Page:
Castor River Grain

by Bill Weaver
George Wright of Metcalfe, Ontario, just north of New York State, has developed a unique business plan that allows him to support his family of five with just 44 acrCEW-Mr-1-Castor River9es, cropping about 20 acres a year in organic grains. His secret? Marketing just about all his grain at a very well-attended farmers’ market: the Ottawa Farmers’ Market at Lansdowne. “We can get 5,000 people a day through the market.” At the market, he sells whole grains, oats rolled and as groats, and flours. “I grind 99 percent of the flour right there at the market,” he noted.
The counter at his stand is filled with plastic five-gallon buckets with lids, which contain the various types of grains that he grows. His prices, which his customers happily pay for locally grown grain, are very producer-friendly.
Wright charges by the cup of (unground) grain. “You want to measure it fast, not weigh it,” he added. “For flour, I use a previously graduated cup to scoop out the grain. I charge the same for the grains as for the flour, even though 3/4 cup of grain gives a cup of flour.”
One way Wright sells grain for such prices is by making his grain an “experience.” He explains: “People like bowls of grain and flour to run their fingers through, so they can feel it and see what the different grains look like.” So Wright’s stand has small bowls of the grains and the flour so his customers can do just that. “Otherwise,” he said, “people will want to open your buckets and start running their fingers through the grain in the buckets!”
He gives his customers other ways to experience the grain. “I have a little hand grinder that kids have fun cranking away on. I also bring a tandem bike hooked up to a bigger grinder that takes two people to run.” People like activity and Wright is careful to provide his customers with these hands-on opportunities.
“Only one stand like ours could make it at a given market. We grow so many kinds of grains and offer so many kinds of flour, that it kind of keeps anyone else from getting a toehold at the market we go to,” he added.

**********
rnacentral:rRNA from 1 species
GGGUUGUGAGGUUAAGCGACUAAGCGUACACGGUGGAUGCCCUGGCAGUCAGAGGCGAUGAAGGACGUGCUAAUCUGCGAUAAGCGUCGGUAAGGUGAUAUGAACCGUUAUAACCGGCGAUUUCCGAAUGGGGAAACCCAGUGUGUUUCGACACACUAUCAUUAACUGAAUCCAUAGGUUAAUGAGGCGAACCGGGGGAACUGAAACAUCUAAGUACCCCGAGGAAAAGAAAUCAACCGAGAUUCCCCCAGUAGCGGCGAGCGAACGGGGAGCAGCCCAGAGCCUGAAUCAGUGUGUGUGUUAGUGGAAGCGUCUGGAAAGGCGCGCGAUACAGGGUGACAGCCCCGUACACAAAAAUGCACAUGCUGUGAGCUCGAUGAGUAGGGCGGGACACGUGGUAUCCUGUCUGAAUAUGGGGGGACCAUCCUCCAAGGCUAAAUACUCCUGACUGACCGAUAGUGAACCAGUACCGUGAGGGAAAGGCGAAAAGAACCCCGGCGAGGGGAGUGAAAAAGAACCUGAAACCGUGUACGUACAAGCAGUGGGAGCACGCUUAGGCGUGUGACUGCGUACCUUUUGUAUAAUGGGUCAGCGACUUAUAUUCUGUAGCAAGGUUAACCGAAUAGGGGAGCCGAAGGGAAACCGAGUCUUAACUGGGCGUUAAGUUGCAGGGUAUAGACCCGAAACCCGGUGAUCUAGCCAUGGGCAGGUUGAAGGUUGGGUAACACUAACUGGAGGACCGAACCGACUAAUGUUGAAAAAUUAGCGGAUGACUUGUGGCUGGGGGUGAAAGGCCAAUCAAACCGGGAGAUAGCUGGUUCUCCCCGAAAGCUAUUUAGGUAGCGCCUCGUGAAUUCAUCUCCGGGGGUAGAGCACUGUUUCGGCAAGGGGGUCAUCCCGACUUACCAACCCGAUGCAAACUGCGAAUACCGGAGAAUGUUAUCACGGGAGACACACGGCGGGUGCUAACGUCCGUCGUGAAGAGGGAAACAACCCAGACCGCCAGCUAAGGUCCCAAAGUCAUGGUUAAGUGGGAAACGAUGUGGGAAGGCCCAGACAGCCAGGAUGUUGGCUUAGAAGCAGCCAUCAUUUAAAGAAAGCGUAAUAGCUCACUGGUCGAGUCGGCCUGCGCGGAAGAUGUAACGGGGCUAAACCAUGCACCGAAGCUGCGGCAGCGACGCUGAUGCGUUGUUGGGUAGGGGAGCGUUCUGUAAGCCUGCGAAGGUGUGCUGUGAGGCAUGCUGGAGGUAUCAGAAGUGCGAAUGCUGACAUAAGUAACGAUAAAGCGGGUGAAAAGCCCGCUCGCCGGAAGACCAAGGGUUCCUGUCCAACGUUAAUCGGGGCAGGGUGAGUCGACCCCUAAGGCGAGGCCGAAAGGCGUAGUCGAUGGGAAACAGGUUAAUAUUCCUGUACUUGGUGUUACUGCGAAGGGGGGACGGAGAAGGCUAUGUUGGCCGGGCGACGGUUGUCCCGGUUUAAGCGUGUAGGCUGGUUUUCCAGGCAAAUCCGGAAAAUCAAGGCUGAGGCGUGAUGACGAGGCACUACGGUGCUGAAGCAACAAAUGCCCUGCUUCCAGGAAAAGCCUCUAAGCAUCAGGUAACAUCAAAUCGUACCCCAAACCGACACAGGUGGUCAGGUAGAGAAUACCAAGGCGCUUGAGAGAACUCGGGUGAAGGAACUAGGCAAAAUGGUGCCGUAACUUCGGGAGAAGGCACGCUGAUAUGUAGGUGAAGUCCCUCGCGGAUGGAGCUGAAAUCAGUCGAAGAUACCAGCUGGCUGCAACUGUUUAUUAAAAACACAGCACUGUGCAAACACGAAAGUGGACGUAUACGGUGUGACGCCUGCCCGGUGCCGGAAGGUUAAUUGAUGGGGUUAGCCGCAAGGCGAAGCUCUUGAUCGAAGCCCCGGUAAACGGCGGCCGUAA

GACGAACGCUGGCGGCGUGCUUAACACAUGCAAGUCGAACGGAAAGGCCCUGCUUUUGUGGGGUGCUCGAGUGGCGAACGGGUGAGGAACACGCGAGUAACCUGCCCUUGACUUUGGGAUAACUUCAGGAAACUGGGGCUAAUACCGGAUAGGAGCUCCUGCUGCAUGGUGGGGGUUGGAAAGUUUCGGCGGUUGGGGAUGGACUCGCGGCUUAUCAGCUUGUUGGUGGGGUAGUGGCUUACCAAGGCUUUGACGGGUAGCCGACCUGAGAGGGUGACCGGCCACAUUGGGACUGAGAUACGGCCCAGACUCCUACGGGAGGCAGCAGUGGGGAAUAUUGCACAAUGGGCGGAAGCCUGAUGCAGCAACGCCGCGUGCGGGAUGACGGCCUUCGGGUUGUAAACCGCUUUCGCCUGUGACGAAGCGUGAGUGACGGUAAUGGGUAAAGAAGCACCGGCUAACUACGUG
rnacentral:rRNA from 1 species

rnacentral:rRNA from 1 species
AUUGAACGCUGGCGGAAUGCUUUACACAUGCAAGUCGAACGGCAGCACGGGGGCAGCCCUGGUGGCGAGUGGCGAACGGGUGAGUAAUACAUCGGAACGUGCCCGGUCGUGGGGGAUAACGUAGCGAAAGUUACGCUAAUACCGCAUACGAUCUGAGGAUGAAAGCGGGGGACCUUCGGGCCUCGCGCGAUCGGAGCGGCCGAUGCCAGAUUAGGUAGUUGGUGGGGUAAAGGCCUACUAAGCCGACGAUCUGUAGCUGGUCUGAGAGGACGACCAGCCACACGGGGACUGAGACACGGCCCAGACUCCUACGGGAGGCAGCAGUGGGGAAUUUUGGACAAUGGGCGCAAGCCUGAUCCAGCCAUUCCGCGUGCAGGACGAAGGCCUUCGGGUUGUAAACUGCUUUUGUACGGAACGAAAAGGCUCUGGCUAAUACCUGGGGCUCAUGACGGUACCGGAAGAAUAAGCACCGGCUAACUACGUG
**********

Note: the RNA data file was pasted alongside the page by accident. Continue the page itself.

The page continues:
Seventy percent of Wright’s grain sales are rolled oats. He switched his oat growing to a hulless variety some years ago, because the hulless varieties make the job of cleaning and dehulling the grain so much easier.
“Vegans and vegetarians are eager purchasers of our rolled oats, and so are raw foodies, as soon as they find out that the rolled oats are raw, and not steamed or toasted.”  These customers are now about 10 percent of his market.
Wheat flours are about 10 percent of Wright’s grain sales. “I raise five varieties because I’m worried about Fusarium. One is Red Fife Heritage wheat, which has moderately high protein. I grew Red Fife two years ago. I thought I had enough to last the year. It was all sold in two months.”
Wright continued, “I grow some grains just for interest sake, like triticale. But after I grew it, I found triticale has a ready-made market with some of my customers, thanks to Star-Trek. There are at least 10 guys who come to my market every week to buy triticale.”
The reason he only grows about 20 acres of grain a year is because of a very positive attribute of grains, compared to fruits and vegetables: grains store well. He makes two plantings a year of the grains that sell well at the farmers’ market. “To reduce the risk of Fusarium, and to prevent lodging in thunderstorms, I split my plantings into two stages, about two weeks apart.”
Great deals on field equipment
At the scale on which Wright farms, he has been able to use older equipment, which he has found for very good prices. “A Massey 35 does 95 percent of our farm work. We use a simple two-point hitch drill, about 8-feet wide. With a two-point hitch, you can back up and turn around easily.”